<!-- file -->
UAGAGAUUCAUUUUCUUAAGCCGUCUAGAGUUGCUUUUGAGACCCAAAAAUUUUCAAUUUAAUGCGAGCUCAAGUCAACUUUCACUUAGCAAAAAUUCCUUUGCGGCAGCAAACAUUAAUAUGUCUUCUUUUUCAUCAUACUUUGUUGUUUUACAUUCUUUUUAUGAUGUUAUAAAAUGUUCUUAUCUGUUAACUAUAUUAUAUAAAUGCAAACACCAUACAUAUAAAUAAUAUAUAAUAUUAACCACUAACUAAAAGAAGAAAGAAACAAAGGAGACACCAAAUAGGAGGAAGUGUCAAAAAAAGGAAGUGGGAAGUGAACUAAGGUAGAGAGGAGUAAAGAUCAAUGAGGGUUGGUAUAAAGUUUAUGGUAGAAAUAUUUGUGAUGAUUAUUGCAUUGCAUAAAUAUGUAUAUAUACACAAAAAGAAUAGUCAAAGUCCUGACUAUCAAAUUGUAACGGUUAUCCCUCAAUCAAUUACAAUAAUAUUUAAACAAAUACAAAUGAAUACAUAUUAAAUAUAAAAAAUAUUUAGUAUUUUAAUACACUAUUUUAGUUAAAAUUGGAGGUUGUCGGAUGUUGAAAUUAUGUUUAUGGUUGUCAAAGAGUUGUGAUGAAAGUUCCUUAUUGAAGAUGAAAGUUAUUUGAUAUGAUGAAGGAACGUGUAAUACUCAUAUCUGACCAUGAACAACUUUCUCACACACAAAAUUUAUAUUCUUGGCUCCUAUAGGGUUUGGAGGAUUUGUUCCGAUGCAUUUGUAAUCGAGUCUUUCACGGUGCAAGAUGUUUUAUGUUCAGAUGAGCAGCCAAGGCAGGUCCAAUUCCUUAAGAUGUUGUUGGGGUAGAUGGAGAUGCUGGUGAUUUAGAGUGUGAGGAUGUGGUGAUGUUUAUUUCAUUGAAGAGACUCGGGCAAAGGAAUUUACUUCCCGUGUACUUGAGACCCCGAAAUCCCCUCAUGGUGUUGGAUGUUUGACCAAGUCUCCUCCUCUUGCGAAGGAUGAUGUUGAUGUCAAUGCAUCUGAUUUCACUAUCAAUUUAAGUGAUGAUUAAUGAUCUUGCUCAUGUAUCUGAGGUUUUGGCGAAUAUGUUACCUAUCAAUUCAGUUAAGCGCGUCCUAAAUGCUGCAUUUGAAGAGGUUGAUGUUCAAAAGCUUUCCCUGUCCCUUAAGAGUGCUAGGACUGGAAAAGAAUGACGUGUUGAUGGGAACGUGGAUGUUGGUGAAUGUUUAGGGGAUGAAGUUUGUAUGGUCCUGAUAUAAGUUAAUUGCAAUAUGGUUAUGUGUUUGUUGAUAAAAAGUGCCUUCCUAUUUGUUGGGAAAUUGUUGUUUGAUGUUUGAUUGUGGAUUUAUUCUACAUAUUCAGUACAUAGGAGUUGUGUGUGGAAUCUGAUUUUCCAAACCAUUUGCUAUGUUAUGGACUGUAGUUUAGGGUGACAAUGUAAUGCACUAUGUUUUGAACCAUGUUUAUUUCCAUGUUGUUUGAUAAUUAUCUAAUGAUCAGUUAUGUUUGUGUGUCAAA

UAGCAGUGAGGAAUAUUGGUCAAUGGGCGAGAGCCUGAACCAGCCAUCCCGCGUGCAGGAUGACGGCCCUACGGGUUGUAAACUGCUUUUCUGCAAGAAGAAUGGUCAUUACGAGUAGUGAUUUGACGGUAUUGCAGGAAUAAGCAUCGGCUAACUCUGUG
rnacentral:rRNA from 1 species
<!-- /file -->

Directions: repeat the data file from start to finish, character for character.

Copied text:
UAGAGAUUCAUUUUCUUAAGCCGUCUAGAGUUGCUUUUGAGACCCAAAAAUUUUCAAUUUAAUGCGAGCUCAAGUCAACUUUCACUUAGCAAAAAUUCCUUUGCGGCAGCAAACAUUAAUAUGUCUUCUUUUUCAUCAUACUUUGUUGUUUUACAUUCUUUUUAUGAUGUUAUAAAAUGUUCUUAUCUGUUAACUAUAUUAUAUAAAUGCAAACACCAUACAUAUAAAUAAUAUAUAAUAUUAACCACUAACUAAAAGAAGAAAGAAACAAAGGAGACACCAAAUAGGAGGAAGUGUCAAAAAAAGGAAGUGGGAAGUGAACUAAGGUAGAGAGGAGUAAAGAUCAAUGAGGGUUGGUAUAAAGUUUAUGGUAGAAAUAUUUGUGAUGAUUAUUGCAUUGCAUAAAUAUGUAUAUAUACACAAAAAGAAUAGUCAAAGUCCUGACUAUCAAAUUGUAACGGUUAUCCCUCAAUCAAUUACAAUAAUAUUUAAACAAAUACAAAUGAAUACAUAUUAAAUAUAAAAAAUAUUUAGUAUUUUAAUACACUAUUUUAGUUAAAAUUGGAGGUUGUCGGAUGUUGAAAUUAUGUUUAUGGUUGUCAAAGAGUUGUGAUGAAAGUUCCUUAUUGAAGAUGAAAGUUAUUUGAUAUGAUGAAGGAACGUGUAAUACUCAUAUCUGACCAUGAACAACUUUCUCACACACAAAAUUUAUAUUCUUGGCUCCUAUAGGGUUUGGAGGAUUUGUUCCGAUGCAUUUGUAAUCGAGUCUUUCACGGUGCAAGAUGUUUUAUGUUCAGAUGAGCAGCCAAGGCAGGUCCAAUUCCUUAAGAUGUUGUUGGGGUAGAUGGAGAUGCUGGUGAUUUAGAGUGUGAGGAUGUGGUGAUGUUUAUUUCAUUGAAGAGACUCGGGCAAAGGAAUUUACUUCCCGUGUACUUGAGACCCCGAAAUCCCCUCAUGGUGUUGGAUGUUUGACCAAGUCUCCUCCUCUUGCGAAGGAUGAUGUUGAUGUCAAUGCAUCUGAUUUCACUAUCAAUUUAAGUGAUGAUUAAUGAUCUUGCUCAUGUAUCUGAGGUUUUGGCGAAUAUGUUACCUAUCAAUUCAGUUAAGCGCGUCCUAAAUGCUGCAUUUGAAGAGGUUGAUGUUCAAAAGCUUUCCCUGUCCCUUAAGAGUGCUAGGACUGGAAAAGAAUGACGUGUUGAUGGGAACGUGGAUGUUGGUGAAUGUUUAGGGGAUGAAGUUUGUAUGGUCCUGAUAUAAGUUAAUUGCAAUAUGGUUAUGUGUUUGUUGAUAAAAAGUGCCUUCCUAUUUGUUGGGAAAUUGUUGUUUGAUGUUUGAUUGUGGAUUUAUUCUACAUAUUCAGUACAUAGGAGUUGUGUGUGGAAUCUGAUUUUCCAAACCAUUUGCUAUGUUAUGGACUGUAGUUUAGGGUGACAAUGUAAUGCACUAUGUUUUGAACCAUGUUUAUUUCCAUGUUGUUUGAUAAUUAUCUAAUGAUCAGUUAUGUUUGUGUGUCAAA

UAGCAGUGAGGAAUAUUGGUCAAUGGGCGAGAGCCUGAACCAGCCAUCCCGCGUGCAGGAUGACGGCCCUACGGGUUGUAAACUGCUUUUCUGCAAGAAGAAUGGUCAUUACGAGUAGUGAUUUGACGGUAUUGCAGGAAUAAGCAUCGGCUAACUCUGUG
rnacentral:rRNA from 1 species